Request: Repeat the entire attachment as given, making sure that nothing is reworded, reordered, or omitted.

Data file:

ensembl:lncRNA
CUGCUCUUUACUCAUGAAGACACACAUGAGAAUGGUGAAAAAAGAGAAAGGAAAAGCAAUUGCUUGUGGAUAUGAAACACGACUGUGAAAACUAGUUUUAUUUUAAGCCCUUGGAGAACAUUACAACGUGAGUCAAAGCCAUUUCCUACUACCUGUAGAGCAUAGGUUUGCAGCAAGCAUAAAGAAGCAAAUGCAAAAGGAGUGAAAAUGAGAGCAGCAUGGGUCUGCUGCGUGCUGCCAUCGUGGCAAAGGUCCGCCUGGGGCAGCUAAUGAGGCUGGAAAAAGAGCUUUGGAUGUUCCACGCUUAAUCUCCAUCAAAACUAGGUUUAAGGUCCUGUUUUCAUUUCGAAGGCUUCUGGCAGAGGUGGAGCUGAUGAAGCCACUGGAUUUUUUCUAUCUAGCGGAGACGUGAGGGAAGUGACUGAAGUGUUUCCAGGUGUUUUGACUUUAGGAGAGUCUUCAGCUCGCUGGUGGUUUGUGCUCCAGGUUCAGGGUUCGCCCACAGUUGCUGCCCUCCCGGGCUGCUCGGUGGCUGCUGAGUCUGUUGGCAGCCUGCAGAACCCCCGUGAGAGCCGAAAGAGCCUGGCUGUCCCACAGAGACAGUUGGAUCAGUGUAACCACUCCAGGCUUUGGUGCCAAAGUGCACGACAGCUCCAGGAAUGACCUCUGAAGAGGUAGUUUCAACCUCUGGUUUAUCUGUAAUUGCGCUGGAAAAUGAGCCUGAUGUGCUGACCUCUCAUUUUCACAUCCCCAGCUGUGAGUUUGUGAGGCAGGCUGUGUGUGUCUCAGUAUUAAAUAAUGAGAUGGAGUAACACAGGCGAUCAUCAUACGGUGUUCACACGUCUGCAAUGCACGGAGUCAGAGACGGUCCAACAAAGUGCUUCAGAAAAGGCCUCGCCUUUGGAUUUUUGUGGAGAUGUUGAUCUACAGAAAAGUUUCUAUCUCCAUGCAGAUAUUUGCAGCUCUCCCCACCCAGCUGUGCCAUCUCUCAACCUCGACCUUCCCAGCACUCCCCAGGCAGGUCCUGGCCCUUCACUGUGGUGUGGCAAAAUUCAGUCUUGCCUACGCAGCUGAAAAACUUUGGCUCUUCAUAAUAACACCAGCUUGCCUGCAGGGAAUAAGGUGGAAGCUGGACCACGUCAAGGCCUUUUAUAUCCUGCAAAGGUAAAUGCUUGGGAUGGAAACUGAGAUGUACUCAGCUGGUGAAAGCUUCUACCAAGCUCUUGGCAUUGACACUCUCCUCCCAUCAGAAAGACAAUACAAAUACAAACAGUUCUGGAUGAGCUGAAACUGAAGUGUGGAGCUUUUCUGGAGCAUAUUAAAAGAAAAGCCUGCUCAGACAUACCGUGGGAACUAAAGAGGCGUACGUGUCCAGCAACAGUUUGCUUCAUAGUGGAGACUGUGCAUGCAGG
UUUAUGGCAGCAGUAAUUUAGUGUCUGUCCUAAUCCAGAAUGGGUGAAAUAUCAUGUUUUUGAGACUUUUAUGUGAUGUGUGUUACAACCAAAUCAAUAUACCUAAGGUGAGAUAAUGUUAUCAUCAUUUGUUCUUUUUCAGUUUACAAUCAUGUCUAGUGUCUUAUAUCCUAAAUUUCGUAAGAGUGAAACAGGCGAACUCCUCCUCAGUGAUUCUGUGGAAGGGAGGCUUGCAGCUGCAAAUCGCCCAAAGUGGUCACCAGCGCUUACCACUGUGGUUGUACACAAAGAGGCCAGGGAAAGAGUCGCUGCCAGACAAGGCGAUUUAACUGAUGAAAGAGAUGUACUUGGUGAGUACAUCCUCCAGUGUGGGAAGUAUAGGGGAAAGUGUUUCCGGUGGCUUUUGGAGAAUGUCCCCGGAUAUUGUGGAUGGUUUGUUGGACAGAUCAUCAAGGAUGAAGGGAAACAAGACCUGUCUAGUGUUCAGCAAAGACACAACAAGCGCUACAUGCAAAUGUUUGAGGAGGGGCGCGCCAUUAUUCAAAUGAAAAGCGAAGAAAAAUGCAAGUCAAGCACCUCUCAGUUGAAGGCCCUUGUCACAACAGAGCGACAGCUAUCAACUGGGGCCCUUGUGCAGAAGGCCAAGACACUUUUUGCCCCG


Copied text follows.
ensembl:lncRNA
CUGCUCUUUACUCAUGAAGACACACAUGAGAAUGGUGAAAAAAGAGAAAGGAAAAGCAAUUGCUUGUGGAUAUGAAACACGACUGUGAAAACUAGUUUUAUUUUAAGCCCUUGGAGAACAUUACAACGUGAGUCAAAGCCAUUUCCUACUACCUGUAGAGCAUAGGUUUGCAGCAAGCAUAAAGAAGCAAAUGCAAAAGGAGUGAAAAUGAGAGCAGCAUGGGUCUGCUGCGUGCUGCCAUCGUGGCAAAGGUCCGCCUGGGGCAGCUAAUGAGGCUGGAAAAAGAGCUUUGGAUGUUCCACGCUUAAUCUCCAUCAAAACUAGGUUUAAGGUCCUGUUUUCAUUUCGAAGGCUUCUGGCAGAGGUGGAGCUGAUGAAGCCACUGGAUUUUUUCUAUCUAGCGGAGACGUGAGGGAAGUGACUGAAGUGUUUCCAGGUGUUUUGACUUUAGGAGAGUCUUCAGCUCGCUGGUGGUUUGUGCUCCAGGUUCAGGGUUCGCCCACAGUUGCUGCCCUCCCGGGCUGCUCGGUGGCUGCUGAGUCUGUUGGCAGCCUGCAGAACCCCCGUGAGAGCCGAAAGAGCCUGGCUGUCCCACAGAGACAGUUGGAUCAGUGUAACCACUCCAGGCUUUGGUGCCAAAGUGCACGACAGCUCCAGGAAUGACCUCUGAAGAGGUAGUUUCAACCUCUGGUUUAUCUGUAAUUGCGCUGGAAAAUGAGCCUGAUGUGCUGACCUCUCAUUUUCACAUCCCCAGCUGUGAGUUUGUGAGGCAGGCUGUGUGUGUCUCAGUAUUAAAUAAUGAGAUGGAGUAACACAGGCGAUCAUCAUACGGUGUUCACACGUCUGCAAUGCACGGAGUCAGAGACGGUCCAACAAAGUGCUUCAGAAAAGGCCUCGCCUUUGGAUUUUUGUGGAGAUGUUGAUCUACAGAAAAGUUUCUAUCUCCAUGCAGAUAUUUGCAGCUCUCCCCACCCAGCUGUGCCAUCUCUCAACCUCGACCUUCCCAGCACUCCCCAGGCAGGUCCUGGCCCUUCACUGUGGUGUGGCAAAAUUCAGUCUUGCCUACGCAGCUGAAAAACUUUGGCUCUUCAUAAUAACACCAGCUUGCCUGCAGGGAAUAAGGUGGAAGCUGGACCACGUCAAGGCCUUUUAUAUCCUGCAAAGGUAAAUGCUUGGGAUGGAAACUGAGAUGUACUCAGCUGGUGAAAGCUUCUACCAAGCUCUUGGCAUUGACACUCUCCUCCCAUCAGAAAGACAAUACAAAUACAAACAGUUCUGGAUGAGCUGAAACUGAAGUGUGGAGCUUUUCUGGAGCAUAUUAAAAGAAAAGCCUGCUCAGACAUACCGUGGGAACUAAAGAGGCGUACGUGUCCAGCAACAGUUUGCUUCAUAGUGGAGACUGUGCAUGCAGG
UUUAUGGCAGCAGUAAUUUAGUGUCUGUCCUAAUCCAGAAUGGGUGAAAUAUCAUGUUUUUGAGACUUUUAUGUGAUGUGUGUUACAACCAAAUCAAUAUACCUAAGGUGAGAUAAUGUUAUCAUCAUUUGUUCUUUUUCAGUUUACAAUCAUGUCUAGUGUCUUAUAUCCUAAAUUUCGUAAGAGUGAAACAGGCGAACUCCUCCUCAGUGAUUCUGUGGAAGGGAGGCUUGCAGCUGCAAAUCGCCCAAAGUGGUCACCAGCGCUUACCACUGUGGUUGUACACAAAGAGGCCAGGGAAAGAGUCGCUGCCAGACAAGGCGAUUUAACUGAUGAAAGAGAUGUACUUGGUGAGUACAUCCUCCAGUGUGGGAAGUAUAGGGGAAAGUGUUUCCGGUGGCUUUUGGAGAAUGUCCCCGGAUAUUGUGGAUGGUUUGUUGGACAGAUCAUCAAGGAUGAAGGGAAACAAGACCUGUCUAGUGUUCAGCAAAGACACAACAAGCGCUACAUGCAAAUGUUUGAGGAGGGGCGCGCCAUUAUUCAAAUGAAAAGCGAAGAAAAAUGCAAGUCAAGCACCUCUCAGUUGAAGGCCCUUGUCACAACAGAGCGACAGCUAUCAACUGGGGCCCUUGUGCAGAAGGCCAAGACACUUUUUGCCCCG